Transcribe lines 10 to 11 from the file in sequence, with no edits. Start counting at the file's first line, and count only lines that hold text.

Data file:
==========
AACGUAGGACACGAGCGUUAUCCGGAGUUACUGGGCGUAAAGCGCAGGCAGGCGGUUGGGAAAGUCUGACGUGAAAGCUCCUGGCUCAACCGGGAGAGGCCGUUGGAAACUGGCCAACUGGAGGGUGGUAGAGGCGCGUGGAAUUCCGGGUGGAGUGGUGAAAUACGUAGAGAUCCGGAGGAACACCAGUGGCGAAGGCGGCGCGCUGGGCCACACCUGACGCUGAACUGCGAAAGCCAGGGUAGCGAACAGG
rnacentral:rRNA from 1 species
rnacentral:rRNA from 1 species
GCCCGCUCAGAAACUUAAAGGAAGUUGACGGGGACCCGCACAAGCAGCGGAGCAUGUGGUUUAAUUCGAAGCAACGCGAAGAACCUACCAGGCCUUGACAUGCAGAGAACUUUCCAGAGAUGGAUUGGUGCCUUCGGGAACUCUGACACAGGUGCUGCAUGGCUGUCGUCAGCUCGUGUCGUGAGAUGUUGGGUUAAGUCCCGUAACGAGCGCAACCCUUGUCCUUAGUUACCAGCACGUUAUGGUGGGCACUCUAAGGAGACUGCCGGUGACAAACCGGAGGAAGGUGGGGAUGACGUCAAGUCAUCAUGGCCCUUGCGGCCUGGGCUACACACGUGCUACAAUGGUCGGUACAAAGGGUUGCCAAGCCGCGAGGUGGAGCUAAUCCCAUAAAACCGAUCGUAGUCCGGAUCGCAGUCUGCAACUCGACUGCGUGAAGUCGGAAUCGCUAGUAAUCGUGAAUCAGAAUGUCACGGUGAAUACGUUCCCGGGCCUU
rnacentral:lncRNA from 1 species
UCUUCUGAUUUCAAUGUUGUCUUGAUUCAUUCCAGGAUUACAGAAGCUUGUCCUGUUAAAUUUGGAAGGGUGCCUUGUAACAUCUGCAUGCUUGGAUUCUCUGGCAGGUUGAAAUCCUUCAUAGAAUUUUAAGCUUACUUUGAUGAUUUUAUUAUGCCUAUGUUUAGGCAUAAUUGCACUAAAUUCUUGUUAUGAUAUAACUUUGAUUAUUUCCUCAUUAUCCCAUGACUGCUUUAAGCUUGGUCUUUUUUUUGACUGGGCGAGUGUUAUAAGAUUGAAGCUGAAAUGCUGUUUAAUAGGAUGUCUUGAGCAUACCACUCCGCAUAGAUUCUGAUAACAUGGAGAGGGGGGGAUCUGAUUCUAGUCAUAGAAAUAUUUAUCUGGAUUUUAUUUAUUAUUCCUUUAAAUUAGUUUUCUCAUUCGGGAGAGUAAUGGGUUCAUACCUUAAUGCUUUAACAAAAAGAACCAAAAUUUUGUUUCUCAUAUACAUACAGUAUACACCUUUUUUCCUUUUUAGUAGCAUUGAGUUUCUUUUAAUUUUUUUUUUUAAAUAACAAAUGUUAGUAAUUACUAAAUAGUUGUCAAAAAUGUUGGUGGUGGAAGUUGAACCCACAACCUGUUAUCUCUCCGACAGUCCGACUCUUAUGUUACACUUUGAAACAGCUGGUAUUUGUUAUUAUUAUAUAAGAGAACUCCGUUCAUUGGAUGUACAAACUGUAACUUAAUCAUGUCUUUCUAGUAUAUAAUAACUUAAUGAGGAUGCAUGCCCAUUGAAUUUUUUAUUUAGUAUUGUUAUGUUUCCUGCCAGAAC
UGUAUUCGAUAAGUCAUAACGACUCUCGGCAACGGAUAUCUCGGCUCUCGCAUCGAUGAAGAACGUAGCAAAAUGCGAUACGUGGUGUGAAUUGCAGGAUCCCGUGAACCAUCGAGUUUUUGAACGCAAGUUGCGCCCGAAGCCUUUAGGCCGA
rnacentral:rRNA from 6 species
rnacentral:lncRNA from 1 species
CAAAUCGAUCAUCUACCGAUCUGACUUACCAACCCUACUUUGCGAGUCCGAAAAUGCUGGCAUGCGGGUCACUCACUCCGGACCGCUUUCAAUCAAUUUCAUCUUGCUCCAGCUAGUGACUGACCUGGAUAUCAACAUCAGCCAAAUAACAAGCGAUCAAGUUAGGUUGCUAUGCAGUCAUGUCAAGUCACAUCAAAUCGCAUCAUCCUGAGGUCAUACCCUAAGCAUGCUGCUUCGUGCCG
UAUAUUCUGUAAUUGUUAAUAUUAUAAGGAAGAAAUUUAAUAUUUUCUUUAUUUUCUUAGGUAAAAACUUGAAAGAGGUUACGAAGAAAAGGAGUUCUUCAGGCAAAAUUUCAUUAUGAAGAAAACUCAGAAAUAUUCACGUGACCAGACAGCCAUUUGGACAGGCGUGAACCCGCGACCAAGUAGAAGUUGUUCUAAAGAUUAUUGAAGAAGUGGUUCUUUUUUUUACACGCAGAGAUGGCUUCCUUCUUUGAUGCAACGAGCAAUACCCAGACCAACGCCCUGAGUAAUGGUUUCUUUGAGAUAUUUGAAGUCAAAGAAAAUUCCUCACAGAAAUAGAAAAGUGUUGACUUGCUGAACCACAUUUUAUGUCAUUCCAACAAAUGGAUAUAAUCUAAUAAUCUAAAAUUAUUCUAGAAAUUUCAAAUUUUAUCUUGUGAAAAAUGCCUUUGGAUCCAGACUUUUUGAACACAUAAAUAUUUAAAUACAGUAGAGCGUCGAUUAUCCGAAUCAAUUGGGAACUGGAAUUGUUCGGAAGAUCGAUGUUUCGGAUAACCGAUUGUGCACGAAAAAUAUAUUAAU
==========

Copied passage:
CAAAUCGAUCAUCUACCGAUCUGACUUACCAACCCUACUUUGCGAGUCCGAAAAUGCUGGCAUGCGGGUCACUCACUCCGGACCGCUUUCAAUCAAUUUCAUCUUGCUCCAGCUAGUGACUGACCUGGAUAUCAACAUCAGCCAAAUAACAAGCGAUCAAGUUAGGUUGCUAUGCAGUCAUGUCAAGUCACAUCAAAUCGCAUCAUCCUGAGGUCAUACCCUAAGCAUGCUGCUUCGUGCCG
UAUAUUCUGUAAUUGUUAAUAUUAUAAGGAAGAAAUUUAAUAUUUUCUUUAUUUUCUUAGGUAAAAACUUGAAAGAGGUUACGAAGAAAAGGAGUUCUUCAGGCAAAAUUUCAUUAUGAAGAAAACUCAGAAAUAUUCACGUGACCAGACAGCCAUUUGGACAGGCGUGAACCCGCGACCAAGUAGAAGUUGUUCUAAAGAUUAUUGAAGAAGUGGUUCUUUUUUUUACACGCAGAGAUGGCUUCCUUCUUUGAUGCAACGAGCAAUACCCAGACCAACGCCCUGAGUAAUGGUUUCUUUGAGAUAUUUGAAGUCAAAGAAAAUUCCUCACAGAAAUAGAAAAGUGUUGACUUGCUGAACCACAUUUUAUGUCAUUCCAACAAAUGGAUAUAAUCUAAUAAUCUAAAAUUAUUCUAGAAAUUUCAAAUUUUAUCUUGUGAAAAAUGCCUUUGGAUCCAGACUUUUUGAACACAUAAAUAUUUAAAUACAGUAGAGCGUCGAUUAUCCGAAUCAAUUGGGAACUGGAAUUGUUCGGAAGAUCGAUGUUUCGGAUAACCGAUUGUGCACGAAAAAUAUAUUAAU